THR Note: We've since stopped back into Mercenary to check out their recent progress. After you read the full interview below, click here to get the latest update from Adam and Ari.
Depending on exactly who you ask, there are about 85 craft breweries and 18 craft distilleries in the state of Illinois. Until now, however, there have been exactly zero brewery-distillery combinations in the Land of Lincoln. That's somewhat surprising considering the success seen by other combo facilities like Michigan's New Holland Brewing and Oregon's Rogue Ales & Spirits.
That's all about to change as Mercenary Brewery & Distillery get's set to open in Chicago's Logan Square. Tucked down a side street just around the corner from fellow newcomers Ale Syndicate and Arcade Brewery, owners Adam Cieslak and Ari Megalis are hard at work on their soon-to-be combo facility. We stopped in during their buildout phase to find out more about the lifelong friend's history and their plan to bring the best of both worlds to Illinois.
You're really breaking new ground in Illinois with your brewery-distillery combo. What's your background? How did you two come to meet?
Adam Cieslak: We've been friends since...well, we went to kindergarten together, and all of grade school. So we've pretty much known each other our entire lives. His brother (Paul Megalis) is also our partner. I've known him since birth, pretty much. Ari and I have both been brewing beer for about eight years now. And we've been working with Koval – who've been training us on the distilling side.
Ari Megalis: Yea, they've been really helpful.
Adam: As for Mercenary, we really started getting serious a little over a year ago. We started working on our spirits, for research, and just decided we had to dive right in. The first few years before that, it was just more of a hobby. It started getting more serious when we said, "Let's see how good we can make a professional quality beer at home." Our first homebrew was really shitty, but you know, it's beer...it's not bad. We were able to experiment with small changes that really started to improve aspects of the beer. We improved the fermentation method and once we did that it was night and day how much a degree changes beer and how much control you can have over it. Anyway, all those little progressions lead us up to a year or two ago when we started researching brewhouses. There'll be some growing pains but I think we're ready to take it on.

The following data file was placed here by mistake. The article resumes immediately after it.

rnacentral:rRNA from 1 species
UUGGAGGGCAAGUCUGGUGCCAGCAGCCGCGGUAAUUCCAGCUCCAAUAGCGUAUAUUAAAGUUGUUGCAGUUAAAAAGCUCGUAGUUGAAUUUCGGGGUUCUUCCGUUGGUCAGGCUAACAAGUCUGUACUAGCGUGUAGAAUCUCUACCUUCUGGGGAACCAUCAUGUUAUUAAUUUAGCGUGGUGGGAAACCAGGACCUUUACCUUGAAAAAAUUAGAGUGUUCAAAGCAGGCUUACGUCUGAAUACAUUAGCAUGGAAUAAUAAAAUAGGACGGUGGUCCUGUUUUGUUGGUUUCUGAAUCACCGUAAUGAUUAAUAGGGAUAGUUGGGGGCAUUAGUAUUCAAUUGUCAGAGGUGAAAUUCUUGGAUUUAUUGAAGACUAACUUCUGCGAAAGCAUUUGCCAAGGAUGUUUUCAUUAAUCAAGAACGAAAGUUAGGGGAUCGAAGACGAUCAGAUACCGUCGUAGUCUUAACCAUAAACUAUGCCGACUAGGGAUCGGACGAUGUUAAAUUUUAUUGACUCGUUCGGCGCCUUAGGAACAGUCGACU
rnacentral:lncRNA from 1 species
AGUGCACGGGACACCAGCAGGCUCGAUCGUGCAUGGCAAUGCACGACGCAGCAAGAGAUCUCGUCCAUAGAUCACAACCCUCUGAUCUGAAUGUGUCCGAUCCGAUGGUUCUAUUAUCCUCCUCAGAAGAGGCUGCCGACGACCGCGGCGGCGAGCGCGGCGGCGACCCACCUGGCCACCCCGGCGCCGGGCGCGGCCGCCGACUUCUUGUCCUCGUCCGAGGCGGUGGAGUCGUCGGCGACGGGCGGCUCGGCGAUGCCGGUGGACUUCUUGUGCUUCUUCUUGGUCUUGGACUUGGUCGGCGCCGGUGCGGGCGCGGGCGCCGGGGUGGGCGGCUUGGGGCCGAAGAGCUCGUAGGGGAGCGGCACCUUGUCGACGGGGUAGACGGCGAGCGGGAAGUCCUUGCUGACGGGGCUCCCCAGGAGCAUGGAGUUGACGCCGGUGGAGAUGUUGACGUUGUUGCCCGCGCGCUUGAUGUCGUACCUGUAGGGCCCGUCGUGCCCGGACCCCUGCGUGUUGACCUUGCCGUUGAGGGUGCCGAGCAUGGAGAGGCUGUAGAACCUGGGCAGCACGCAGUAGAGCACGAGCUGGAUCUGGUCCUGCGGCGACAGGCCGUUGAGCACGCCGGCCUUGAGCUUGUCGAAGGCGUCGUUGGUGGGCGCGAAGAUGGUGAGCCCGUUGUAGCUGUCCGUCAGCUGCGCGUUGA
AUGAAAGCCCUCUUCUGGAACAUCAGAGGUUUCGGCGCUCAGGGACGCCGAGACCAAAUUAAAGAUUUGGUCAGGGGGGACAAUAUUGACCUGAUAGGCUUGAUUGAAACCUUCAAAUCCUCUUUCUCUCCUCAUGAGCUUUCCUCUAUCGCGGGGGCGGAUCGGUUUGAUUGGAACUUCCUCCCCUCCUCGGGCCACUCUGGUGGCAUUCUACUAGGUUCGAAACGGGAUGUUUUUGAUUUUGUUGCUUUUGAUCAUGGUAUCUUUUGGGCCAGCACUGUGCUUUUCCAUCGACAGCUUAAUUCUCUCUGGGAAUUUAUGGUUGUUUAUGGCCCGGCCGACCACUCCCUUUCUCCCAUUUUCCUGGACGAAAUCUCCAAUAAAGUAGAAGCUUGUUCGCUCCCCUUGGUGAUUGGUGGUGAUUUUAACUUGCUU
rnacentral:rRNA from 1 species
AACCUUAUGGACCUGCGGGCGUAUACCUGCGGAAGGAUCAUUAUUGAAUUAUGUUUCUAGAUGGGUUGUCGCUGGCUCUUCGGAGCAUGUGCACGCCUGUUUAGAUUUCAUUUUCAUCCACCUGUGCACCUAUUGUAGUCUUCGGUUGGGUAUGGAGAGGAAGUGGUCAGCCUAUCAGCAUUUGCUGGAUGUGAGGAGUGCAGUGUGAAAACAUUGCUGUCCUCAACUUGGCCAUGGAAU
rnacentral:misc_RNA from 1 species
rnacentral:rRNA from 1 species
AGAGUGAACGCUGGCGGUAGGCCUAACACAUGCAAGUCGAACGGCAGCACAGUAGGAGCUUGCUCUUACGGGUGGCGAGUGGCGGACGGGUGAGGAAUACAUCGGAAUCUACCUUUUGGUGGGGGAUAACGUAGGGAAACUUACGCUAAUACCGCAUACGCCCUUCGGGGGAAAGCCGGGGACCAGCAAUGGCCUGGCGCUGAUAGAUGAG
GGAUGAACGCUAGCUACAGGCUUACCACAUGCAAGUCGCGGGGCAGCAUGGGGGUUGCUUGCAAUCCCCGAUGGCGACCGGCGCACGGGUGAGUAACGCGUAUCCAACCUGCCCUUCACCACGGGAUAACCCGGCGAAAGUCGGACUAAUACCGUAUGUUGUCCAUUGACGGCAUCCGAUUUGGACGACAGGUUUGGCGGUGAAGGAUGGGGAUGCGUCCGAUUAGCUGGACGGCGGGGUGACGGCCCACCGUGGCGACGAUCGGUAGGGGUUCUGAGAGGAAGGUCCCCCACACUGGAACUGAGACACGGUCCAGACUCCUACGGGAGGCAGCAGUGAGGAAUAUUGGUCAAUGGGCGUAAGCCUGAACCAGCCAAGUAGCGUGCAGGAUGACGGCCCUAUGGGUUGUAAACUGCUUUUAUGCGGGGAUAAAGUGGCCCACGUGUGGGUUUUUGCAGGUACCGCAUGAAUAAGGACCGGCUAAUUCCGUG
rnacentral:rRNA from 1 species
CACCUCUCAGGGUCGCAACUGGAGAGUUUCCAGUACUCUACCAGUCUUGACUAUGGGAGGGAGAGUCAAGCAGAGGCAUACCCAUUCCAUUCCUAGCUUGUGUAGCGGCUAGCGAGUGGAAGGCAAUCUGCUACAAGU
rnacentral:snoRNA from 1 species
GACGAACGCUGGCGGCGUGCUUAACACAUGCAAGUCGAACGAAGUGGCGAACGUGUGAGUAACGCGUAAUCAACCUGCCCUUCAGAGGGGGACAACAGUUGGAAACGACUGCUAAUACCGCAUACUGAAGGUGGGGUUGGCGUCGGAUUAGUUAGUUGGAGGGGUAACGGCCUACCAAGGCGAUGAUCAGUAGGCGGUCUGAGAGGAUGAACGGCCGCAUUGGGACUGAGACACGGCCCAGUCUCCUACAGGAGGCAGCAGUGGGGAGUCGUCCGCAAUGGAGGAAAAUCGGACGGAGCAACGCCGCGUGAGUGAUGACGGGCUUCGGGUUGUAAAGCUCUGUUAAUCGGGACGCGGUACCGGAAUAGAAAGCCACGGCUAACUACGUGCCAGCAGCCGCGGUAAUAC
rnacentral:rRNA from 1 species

Ari: We also had to secure funding. How many banks turned us down?
Adam: A lot...
Ari: Three banks turned us down, and we finally got our loan with the fourth one. No one wants to fund a brewery, right?
Adam: Yea, it's like any small business. Your business plan looks good but they're going to say no because we haven't been open before. So we did all of that, and felt like we kept getting close – then got set back. But we finally moved forward with a bank. We're also trying to do as much as we can with our day jobs. But hopefully we'll have a lot more free time coming up...
Ari: I still thinks it's crazy we finally did it.
Adam: I'm very excited about all the beer and spirits, but I just want to do cool shit with some of the smaller places around here. Like, there's a small bakery around here – I'd like to do some beer bread with them, or granola bars with someone else.
Did it take you guys a while to find this space?
Adam: Yea, we went to over a hundred spots. All over Chicago.
Ari: Yea, it felt like it at least. The biggest thing we were looking for was something with moratoriums for packaged goods or tavern restrictions. It seemed like we'd find a really good spot but it had a restriction on it.
Well you finally found something in this building... What was this place before?
Ari: "Navteq." They supplied a lot of mapping data to Google for a while, then Nokia bought them. This was their office. We're probably the most high-tech, wired-up brewery in Chicago, haha. There're these mega HDMI cables; there's fiber that runs all the way back into the kitchen. We don't know what it does.
The buildout seems to be the big holdup for a lot of new breweries. How's it been for you?
Ari: We got the lease in January and the space is in pretty decent shape. There's no major construction that needs to be done. Ideally I'd like to have a brand new floor put in, but, you know. We had to add in the floor drains but that was probably the biggest thing it's needed so far.
How about a taproom? Will you have an area for people to come in and sample the goods?
Ari: Oh yea. The main goal is to get stuff out there and into kegs. Once that's done we'll rip all the carpet out and put a little bar in the front area. We'll have small retail racks with pint glasses, shirts and stuff. We're thinking about putting in some skylights to bring in more light in that front part too. It will definitely be a taproom in the future. We're actually in a great spot here. Right across the street is a dry precinct so we're lucky enough to have one less hurdle to worry about.
Ari: Well, when we first started looking at this place, I knew they were close. It was just chance, after we realized how close. We didn't know them before. Then we moved in next door and we've gotten to know them.
Adam: We just emailed them out of the blue and said "Hey, we're Mercenary, and we're going to be neighbors." They were awesome and have been very welcoming. We're creating a kind of 'brewery row' over here.
For being tucked away down this side street, we were surprised to see how much foot traffic this back alley gets.
Adam: That's actually one of the reasons we liked this place. I know it's kind of tucked away at the end of the street (2717 N. Maplewood). But, the Green Exchange is right here and the employee parking lot is just on the other side of us. So once we get our growler pours going, we'll be able to accommodate all those people walking by after work. Or, I'm not going to be opposed to it if someone wants a growler at 9am.